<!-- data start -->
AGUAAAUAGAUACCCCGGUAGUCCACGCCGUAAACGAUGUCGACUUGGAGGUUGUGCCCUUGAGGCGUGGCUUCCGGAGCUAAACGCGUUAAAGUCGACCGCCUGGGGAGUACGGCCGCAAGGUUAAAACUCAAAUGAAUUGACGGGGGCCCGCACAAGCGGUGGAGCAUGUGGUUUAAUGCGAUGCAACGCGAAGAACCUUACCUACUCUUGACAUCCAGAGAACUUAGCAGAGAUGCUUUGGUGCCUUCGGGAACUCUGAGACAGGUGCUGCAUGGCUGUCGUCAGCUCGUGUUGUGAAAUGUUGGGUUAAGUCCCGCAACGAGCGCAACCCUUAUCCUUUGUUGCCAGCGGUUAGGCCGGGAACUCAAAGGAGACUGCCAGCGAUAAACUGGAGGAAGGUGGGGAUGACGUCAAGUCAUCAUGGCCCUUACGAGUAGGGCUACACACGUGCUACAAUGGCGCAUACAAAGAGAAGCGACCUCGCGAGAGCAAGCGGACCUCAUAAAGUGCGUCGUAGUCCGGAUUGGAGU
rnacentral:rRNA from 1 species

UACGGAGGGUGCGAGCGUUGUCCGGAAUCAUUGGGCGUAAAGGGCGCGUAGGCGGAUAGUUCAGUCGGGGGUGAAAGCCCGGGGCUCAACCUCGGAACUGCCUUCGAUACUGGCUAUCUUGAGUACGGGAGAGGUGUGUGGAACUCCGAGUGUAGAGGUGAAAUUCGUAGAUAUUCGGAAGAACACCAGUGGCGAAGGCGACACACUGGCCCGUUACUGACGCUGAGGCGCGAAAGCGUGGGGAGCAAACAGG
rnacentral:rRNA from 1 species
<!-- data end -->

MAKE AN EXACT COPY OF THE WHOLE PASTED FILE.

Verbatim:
AGUAAAUAGAUACCCCGGUAGUCCACGCCGUAAACGAUGUCGACUUGGAGGUUGUGCCCUUGAGGCGUGGCUUCCGGAGCUAAACGCGUUAAAGUCGACCGCCUGGGGAGUACGGCCGCAAGGUUAAAACUCAAAUGAAUUGACGGGGGCCCGCACAAGCGGUGGAGCAUGUGGUUUAAUGCGAUGCAACGCGAAGAACCUUACCUACUCUUGACAUCCAGAGAACUUAGCAGAGAUGCUUUGGUGCCUUCGGGAACUCUGAGACAGGUGCUGCAUGGCUGUCGUCAGCUCGUGUUGUGAAAUGUUGGGUUAAGUCCCGCAACGAGCGCAACCCUUAUCCUUUGUUGCCAGCGGUUAGGCCGGGAACUCAAAGGAGACUGCCAGCGAUAAACUGGAGGAAGGUGGGGAUGACGUCAAGUCAUCAUGGCCCUUACGAGUAGGGCUACACACGUGCUACAAUGGCGCAUACAAAGAGAAGCGACCUCGCGAGAGCAAGCGGACCUCAUAAAGUGCGUCGUAGUCCGGAUUGGAGU
rnacentral:rRNA from 1 species

UACGGAGGGUGCGAGCGUUGUCCGGAAUCAUUGGGCGUAAAGGGCGCGUAGGCGGAUAGUUCAGUCGGGGGUGAAAGCCCGGGGCUCAACCUCGGAACUGCCUUCGAUACUGGCUAUCUUGAGUACGGGAGAGGUGUGUGGAACUCCGAGUGUAGAGGUGAAAUUCGUAGAUAUUCGGAAGAACACCAGUGGCGAAGGCGACACACUGGCCCGUUACUGACGCUGAGGCGCGAAAGCGUGGGGAGCAAACAGG
rnacentral:rRNA from 1 species